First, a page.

Friday night's encounter with the blue-collar artist's son did throw me into a pondery over desirable characteristics for future partners. Obviously there's got to be some adoration and attraction, but that in itself is made up of a a whole lot of subconscious cues about the type of qualities another person has, all fed through some sort of encultured filter. For example, tradesmen (a more Kiwi appellation for the Australian term "blue-collar" workers) are great potential partners - they've got money, they're smart, they're usually pretty fit, and they don't spend every single second they're not at work thinking about work. So far so good. But then, how would the average tradesman feel about women like myself with two degrees, a couple of jobs and regular stints in the office at the weekend? Add an unfortunate tendency to deploy items of lexicon that aren't in common usage while in conversation with new people and there are some obvious red flags for anyone with a pragmatic orientation to life. And then that nasty cliche of the working class man-alone, spending more time at the pub than at home raises its proverbial head, and I'm left thinking, yeah, well. Maybe not.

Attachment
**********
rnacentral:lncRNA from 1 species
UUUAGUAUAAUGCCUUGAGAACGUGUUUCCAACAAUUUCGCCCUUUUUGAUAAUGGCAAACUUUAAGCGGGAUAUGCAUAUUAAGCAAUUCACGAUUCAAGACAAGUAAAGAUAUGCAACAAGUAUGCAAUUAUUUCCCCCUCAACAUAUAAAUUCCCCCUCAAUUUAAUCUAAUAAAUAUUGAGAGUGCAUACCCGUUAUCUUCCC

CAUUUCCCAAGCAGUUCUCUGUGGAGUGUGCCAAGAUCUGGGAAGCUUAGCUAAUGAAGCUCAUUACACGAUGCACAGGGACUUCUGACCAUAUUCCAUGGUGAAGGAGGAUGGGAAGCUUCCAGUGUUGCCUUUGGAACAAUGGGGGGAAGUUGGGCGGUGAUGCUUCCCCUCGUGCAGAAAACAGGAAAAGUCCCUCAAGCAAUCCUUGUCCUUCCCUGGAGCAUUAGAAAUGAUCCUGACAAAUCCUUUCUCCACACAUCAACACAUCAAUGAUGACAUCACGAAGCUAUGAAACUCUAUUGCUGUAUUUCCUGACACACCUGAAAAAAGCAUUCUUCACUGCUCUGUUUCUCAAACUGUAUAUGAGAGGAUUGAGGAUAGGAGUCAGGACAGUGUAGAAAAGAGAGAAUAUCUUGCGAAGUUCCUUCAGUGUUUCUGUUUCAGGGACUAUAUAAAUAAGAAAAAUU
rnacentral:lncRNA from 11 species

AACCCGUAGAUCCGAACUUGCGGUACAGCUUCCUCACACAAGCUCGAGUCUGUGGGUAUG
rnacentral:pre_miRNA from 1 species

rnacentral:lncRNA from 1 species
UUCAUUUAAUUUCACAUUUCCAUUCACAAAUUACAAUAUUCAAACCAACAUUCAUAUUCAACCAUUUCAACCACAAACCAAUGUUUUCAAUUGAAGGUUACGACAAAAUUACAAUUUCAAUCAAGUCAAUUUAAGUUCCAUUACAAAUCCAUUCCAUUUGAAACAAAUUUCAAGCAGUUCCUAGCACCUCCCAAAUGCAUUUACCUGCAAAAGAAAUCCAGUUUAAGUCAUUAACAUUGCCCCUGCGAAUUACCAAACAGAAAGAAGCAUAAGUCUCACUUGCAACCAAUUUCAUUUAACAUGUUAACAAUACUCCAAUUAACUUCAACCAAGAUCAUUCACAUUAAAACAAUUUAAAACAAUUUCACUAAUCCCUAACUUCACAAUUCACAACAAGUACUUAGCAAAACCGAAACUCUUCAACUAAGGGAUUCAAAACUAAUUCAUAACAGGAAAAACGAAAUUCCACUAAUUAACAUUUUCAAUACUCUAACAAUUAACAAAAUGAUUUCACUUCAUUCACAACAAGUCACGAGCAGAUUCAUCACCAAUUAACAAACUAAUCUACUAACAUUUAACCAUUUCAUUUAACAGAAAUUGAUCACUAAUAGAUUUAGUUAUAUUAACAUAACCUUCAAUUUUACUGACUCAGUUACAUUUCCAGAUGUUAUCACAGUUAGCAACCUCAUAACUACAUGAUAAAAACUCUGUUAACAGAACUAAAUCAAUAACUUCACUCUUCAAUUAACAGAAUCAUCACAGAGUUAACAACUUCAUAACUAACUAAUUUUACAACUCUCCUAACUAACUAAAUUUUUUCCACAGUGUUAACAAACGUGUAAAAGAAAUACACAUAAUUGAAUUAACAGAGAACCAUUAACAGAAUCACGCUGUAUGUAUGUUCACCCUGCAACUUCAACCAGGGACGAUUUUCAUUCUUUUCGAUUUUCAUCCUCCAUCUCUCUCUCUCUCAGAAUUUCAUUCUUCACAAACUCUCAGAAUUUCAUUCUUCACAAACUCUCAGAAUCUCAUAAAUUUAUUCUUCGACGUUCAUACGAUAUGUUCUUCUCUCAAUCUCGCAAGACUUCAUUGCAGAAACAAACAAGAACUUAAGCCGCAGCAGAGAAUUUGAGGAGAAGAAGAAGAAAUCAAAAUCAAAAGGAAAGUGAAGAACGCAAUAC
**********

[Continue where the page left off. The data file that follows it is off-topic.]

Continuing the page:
Playing statistics on this kind of thing is a mug's game - if my Ponsonby encounter reminded me of one thing, it's that people are always more than the sum of their culturally-coded parts. However the exigencies of dating, especially in a town the size of Auckland, mean that success in mating must most often go to people who are ruthless in their weeding of potential partners, right from the beginning. The blue-collar artist's son declined to take my number on Friday night, but I was happy with that honesty. No one wants to sit around with the sound of the phone not ringing in their ears. And in truth, he seems like a truly decent person (not so much the man-alone type at all) but I think we might have used up most of our conversation at the pub.